Vauxhall VXR8 Saloon (2007 - ) review
Read the Vauxhall VXR8 saloon (2011 - ) car review by Auto Trader’s motoring experts, covering price, specification, running costs, practicality, safety and how it drives.
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The Vauxhall VXR8 is essentially a rebadged Holden HSV E3 GTS from Australia and it looks like a typical modern Aussie muscle car – brash and brutal. It wears its fire-breathing, V8-powered monster’s heart on its sleeve, thanks in part to the new Shockwave grille, air intakes and LED running lights at the front, plus the twin exhausts and lairy spoiler at the back. The range of extrovert colours does nothing to detract from the impression that this is not a car to mess with.
The new VXR8 has full leather trim and a pair of eight-way electrically adjustable bucket seats up front. The dashboard has also been redesigned and features a new instrument cluster, fresh switchgear and a centre stack that incorporates the Enhanced Driver Interface (EDI). This supplies all kinds of data from the car’s on-board computer to the 5-inch screen, such as G-forces, power, torque, the degree of drift (including the words Understeer and Oversteer which flash up if you indulge a little too much) and a screen that shows the forces acting on the shock absorbers in each corner. Watching it is more entertaining than most TV programmes.
The VXR8 is a proper four-door, five-seat performance car, with plenty of head and leg room at the back, enough to accommodate three adults in the rear – but whoever’s in the middle will have to straddle the transmission tunnel, which you won’t want to do for a long journey. There’s also plenty of room up front, with occupants also enjoying plenty of shoulder room. The cavernous boot continues the theme of spaciousness, with lots of room for luggage, even when the car is four-up.
Ride and handling
The VXR8 is an absolute hoot to drive, not only because of the power, but because the dynamics allow that power to be deployed to maximum effect. A taut chassis means that body control is superb and the ride is surprisingly compliant, thanks to Vauxhall’s Magnetic Ride Control (MRC), a suspension system that works by sending an electric current through damper units filled with magnetic particles, which harden as the input reaches its maximum. There are two settings – Performance and Track – and even the latter works perfectly well on most roads. The steering is also direct and accurate, so it goes exactly where you point it, without any unnecessary drama.
Under the bonnet is General Motors’ 6.2-litre LS3 V8 engine that produces 425bhp at 6,000rpm and 406lb/ft of torque at 4,600rpm, which results in a 0-60mph time of 4.9 seconds and a limited top speed of 155mph. However, as these output figures suggest, the VXR8 really comes alive the more you rev it, especially above 4,000rpm or so, when the booming, snarling nature of the engine comes into its own and it starts to gather pace at what feels like an exponential rate. The engine can be mated to one of two six-speed transmissions, a manual and a standard torque converter auto. While the auto isn’t bad, it’s a bit slow on the uptake, so the former would be our choice every time.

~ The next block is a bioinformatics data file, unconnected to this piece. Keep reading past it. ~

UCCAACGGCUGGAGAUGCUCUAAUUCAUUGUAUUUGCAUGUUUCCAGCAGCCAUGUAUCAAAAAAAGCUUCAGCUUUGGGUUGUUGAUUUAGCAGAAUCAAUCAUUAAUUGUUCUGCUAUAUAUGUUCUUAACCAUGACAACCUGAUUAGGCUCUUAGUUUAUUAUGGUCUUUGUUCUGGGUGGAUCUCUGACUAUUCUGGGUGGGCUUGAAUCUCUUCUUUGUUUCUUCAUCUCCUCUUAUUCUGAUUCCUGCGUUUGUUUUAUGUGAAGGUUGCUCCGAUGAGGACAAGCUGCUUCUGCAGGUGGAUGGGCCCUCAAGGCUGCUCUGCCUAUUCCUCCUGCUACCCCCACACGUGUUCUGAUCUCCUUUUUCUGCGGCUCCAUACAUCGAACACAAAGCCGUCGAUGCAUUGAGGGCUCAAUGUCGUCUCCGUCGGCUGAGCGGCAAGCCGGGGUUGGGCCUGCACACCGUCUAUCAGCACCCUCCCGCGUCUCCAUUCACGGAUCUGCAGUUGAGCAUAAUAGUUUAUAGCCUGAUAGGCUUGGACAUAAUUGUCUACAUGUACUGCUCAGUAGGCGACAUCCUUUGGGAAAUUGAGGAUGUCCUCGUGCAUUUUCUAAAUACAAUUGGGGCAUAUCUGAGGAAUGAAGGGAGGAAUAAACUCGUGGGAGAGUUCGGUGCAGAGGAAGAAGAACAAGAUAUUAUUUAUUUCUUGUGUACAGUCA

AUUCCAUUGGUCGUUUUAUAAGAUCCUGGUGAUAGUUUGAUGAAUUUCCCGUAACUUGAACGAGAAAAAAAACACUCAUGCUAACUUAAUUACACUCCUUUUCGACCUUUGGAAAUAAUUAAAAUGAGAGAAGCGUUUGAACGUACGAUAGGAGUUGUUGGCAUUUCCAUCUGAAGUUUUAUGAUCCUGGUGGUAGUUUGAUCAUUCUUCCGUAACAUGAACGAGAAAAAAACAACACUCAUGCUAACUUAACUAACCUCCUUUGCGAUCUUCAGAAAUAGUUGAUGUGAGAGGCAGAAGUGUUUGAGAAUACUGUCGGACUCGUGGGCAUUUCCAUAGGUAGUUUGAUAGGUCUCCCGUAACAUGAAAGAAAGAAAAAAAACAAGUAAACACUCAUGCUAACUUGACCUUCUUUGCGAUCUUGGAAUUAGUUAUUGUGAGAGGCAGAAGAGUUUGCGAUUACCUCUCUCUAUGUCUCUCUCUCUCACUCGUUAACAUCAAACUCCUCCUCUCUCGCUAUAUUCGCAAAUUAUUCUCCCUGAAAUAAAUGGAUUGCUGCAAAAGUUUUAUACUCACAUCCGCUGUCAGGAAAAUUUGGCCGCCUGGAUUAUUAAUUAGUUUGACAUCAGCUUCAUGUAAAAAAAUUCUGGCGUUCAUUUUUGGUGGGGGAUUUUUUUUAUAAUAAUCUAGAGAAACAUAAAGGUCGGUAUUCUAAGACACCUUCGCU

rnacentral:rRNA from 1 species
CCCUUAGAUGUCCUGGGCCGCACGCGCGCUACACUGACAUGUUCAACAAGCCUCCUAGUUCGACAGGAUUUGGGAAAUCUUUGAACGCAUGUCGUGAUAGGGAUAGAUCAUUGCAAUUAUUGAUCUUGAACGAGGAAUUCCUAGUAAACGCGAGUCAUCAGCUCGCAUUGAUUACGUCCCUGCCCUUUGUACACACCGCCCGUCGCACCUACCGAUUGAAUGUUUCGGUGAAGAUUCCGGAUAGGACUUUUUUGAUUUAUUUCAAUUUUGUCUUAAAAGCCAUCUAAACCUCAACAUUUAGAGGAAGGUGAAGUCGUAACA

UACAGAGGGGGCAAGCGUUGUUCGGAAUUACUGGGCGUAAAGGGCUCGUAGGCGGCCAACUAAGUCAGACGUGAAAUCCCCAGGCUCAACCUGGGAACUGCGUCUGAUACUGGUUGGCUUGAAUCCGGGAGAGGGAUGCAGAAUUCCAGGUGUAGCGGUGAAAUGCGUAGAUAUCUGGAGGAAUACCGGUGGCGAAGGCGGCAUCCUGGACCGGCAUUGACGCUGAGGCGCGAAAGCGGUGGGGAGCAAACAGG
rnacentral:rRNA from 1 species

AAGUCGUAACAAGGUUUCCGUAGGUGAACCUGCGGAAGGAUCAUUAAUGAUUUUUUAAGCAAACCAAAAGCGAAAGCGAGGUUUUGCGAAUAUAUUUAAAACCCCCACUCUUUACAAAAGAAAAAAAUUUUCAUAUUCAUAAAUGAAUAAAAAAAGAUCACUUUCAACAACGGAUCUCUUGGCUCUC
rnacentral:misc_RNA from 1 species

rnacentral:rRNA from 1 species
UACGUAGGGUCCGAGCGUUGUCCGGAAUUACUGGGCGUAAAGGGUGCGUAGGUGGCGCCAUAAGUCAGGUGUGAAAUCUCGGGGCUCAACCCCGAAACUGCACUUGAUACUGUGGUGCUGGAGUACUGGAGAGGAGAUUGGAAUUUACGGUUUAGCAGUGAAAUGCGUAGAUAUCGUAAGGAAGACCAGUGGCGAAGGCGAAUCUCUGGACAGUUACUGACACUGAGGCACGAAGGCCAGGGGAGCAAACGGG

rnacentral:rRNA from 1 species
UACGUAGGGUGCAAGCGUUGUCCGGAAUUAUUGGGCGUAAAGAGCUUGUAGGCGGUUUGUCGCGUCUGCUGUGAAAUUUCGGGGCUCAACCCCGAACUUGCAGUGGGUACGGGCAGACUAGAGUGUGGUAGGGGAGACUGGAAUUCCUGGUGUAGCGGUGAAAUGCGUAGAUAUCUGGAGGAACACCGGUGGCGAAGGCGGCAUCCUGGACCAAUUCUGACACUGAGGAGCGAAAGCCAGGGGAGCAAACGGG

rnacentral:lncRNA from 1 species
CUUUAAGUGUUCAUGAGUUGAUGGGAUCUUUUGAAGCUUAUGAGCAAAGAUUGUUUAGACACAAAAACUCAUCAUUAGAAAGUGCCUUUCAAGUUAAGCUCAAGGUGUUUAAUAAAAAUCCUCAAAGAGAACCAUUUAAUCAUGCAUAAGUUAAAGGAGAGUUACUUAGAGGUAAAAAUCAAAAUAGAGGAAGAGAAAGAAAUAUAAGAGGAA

The official fuel consumption figure is just 20.9mpg (20.6mpg for the auto), and that’s the official number. In the real world, driving a V8-powered car as it was designed to be, the average owner will be looking at figures in the low to mid-teens. The trip computer has a continuously monitored mpg figure as one option, which dropped to 3mpg at one point during our test, while overtaking. The CO2 emissions figure of 320g/km (324g/km for the auto) also means that vehicle excise duty will cost a whopping £435 a year, which makes for a real running costs double whammy.
Whereas most Vauxhalls are effectively rebadged European-built Opels, the VXR8 is of Austrailian origin – it starts out as a Holden. Both Holden and Vauxhall have a reasonable reputation for reliability, which bodes well, and our test car certainly seemed well-built. As with any performance car, there’s the potential for big bills if the car is driven really hard all the time, but there’s nothing to suggest that there are likely to be inherent problems with the VXR8’s reliability.
There’s a full suite of safety equipment in the VXR8, including an ESP system that integrates anti-lock brakes, electronic brakeforce distribution, electronic stability programme (ESP), brake assist and traction control. In the event of an accident, there are six airbags (driver and front passenger, side impact airbags for the front-seat occupants plus side curtain airbags). There are also three Isofix child restraint anchor points at the rear, seatbelt pre-tensioners and an emergency mode that turns the engine and fuel pump off, unlocks doors and turns hazard and interior lamps on, if battery power is available.
There are plenty of toys, including a launch control function that allows the car to accelerate from standstill at its maximum potential, using the ESP to control the engine. Just dump the clutch and the VXR8 does a credible impression of a bat out of hell. There are also features such as a rear parking camera, tyre pressure monitor, aux-in/USB inputs, iPod support and Bluetooth with phone book display and touch-screen dialling to make life with the VXR8 easier.
If you’re looking to make a statement – and some noise (the exhaust booms, pops and bangs rather spectacularly) – and want something other than a BMW M3 or Mercedes-Benz C63 AMG, the VXR8 is the car for you. Fast and focused, it’s a muscle car that will stand out not only because it seems to come from another time, when petrol was cheap, but also because it will be rarer than hen’s teeth on UK roads, with only 25 a year being imported.